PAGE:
Through an unsettling and uncertain time, the Sutton’s wildlife garden soothed the soul, entertained, and educated. In this wildlife habitat so much happens right before your eyes, with layer upon layer of nature unfolding. Migrant and nesting birds find countless caterpillars and other juicy treats, as well as plentiful fruits and seed heads. Varied and beautiful pollinators benefit from native perennials, trees, shrubs, and vines that offer a cascade of blooms from early spring until blooming shuts down with late fall’s first frost.

Busy water features draw in wintering birds to heated bird baths, and migrants and nesting birds to a whole array of warm-season water features, from misters to fountains to bird baths.

A din of calling Green Frogs on many summer nights led to their egg masses being discovered the next day. The transition of “Cover” provided in this wildlife garden will be showcased, from brush piles in late fall through winter, to robust stands of perennials, trees, shrubs, and vines, including a number of native evergreens.  Pat will also include how she is addressing “Privacy LOST” after a neighbor took down lots of vegetation.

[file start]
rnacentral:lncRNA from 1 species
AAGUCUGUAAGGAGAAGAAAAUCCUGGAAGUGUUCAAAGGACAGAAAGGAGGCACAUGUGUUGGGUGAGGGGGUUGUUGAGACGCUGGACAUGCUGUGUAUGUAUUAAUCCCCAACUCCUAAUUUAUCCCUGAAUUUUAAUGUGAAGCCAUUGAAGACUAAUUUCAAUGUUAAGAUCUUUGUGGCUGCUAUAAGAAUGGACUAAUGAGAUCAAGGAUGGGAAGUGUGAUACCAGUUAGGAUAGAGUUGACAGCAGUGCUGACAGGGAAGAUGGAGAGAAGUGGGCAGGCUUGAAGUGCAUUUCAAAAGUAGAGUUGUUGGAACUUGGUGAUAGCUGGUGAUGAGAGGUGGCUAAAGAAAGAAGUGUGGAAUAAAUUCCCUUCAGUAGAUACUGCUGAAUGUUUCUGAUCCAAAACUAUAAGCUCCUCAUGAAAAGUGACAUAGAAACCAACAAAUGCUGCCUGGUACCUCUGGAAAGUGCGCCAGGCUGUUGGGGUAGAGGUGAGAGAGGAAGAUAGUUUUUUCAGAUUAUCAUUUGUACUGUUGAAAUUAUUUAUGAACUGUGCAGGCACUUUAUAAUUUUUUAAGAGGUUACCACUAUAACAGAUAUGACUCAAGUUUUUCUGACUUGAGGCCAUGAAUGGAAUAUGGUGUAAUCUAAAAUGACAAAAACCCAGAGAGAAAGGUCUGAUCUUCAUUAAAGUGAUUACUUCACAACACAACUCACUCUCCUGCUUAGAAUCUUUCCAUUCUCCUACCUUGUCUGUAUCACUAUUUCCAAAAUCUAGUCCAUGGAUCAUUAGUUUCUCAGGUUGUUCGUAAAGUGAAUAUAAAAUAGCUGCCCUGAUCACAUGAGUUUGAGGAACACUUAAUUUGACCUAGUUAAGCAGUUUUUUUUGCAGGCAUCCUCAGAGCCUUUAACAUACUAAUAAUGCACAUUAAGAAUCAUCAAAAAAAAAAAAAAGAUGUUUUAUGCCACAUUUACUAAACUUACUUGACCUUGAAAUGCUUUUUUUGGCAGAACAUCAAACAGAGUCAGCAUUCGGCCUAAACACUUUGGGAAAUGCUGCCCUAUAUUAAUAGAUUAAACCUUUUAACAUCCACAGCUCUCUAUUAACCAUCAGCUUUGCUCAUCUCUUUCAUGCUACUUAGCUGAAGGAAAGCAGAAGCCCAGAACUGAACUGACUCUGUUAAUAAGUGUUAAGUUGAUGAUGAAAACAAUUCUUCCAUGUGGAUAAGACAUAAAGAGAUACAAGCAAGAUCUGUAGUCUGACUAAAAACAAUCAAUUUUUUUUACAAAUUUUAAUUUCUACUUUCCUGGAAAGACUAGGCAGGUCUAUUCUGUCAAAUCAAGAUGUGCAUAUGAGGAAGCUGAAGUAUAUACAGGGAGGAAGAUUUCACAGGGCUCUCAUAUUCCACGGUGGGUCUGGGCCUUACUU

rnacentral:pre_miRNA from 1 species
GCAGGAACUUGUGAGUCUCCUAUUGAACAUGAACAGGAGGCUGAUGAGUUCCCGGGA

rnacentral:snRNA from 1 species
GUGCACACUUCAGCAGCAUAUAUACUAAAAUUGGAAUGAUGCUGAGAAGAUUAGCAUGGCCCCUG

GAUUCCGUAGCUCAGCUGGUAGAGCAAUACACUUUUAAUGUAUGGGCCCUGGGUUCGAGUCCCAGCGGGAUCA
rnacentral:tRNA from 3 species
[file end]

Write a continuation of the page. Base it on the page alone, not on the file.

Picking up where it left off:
Life cycles occur on a daily basis. Each year Monarchs can be found in this garden daily from mid-June on, mating and laying eggs, helping to swell the summer population so that by fall the migratory population is robust and substantial. This year Pat witnessed and filmed a Monarch caterpillar in its “J” position metamorphosing into its chrysalis, and several Monarchs emerging from their chrysalises in her garden. Will these magical moments be shared in the presentation? You bet!  These mesmerizing moments will help to tell the story that wildlife gardens like Pat’s (and hopefully like yours) contributed directly to a heartening and hopeful migration of Monarchs through the Cape May Peninsula in Fall 2021.  A wonderful 25,000-30,000 Monarchs were counted on October 1, 2021, lifting off from overnight roosts in the Cape May Point dunes to continue their migration.  On October 21, 2021, another push of migrating Monarchs gathered at lands end.  They lingered at nectar and safe roost sites until October 22 when winds calmed and they could continue their migration.  I couldn’t be there to witness it, but ‘m told that the numbers were comparable to the October 1st exodus, so roughly another 25,000-30,000 Monarchs.

Consider booking one or both of these episodes for your group!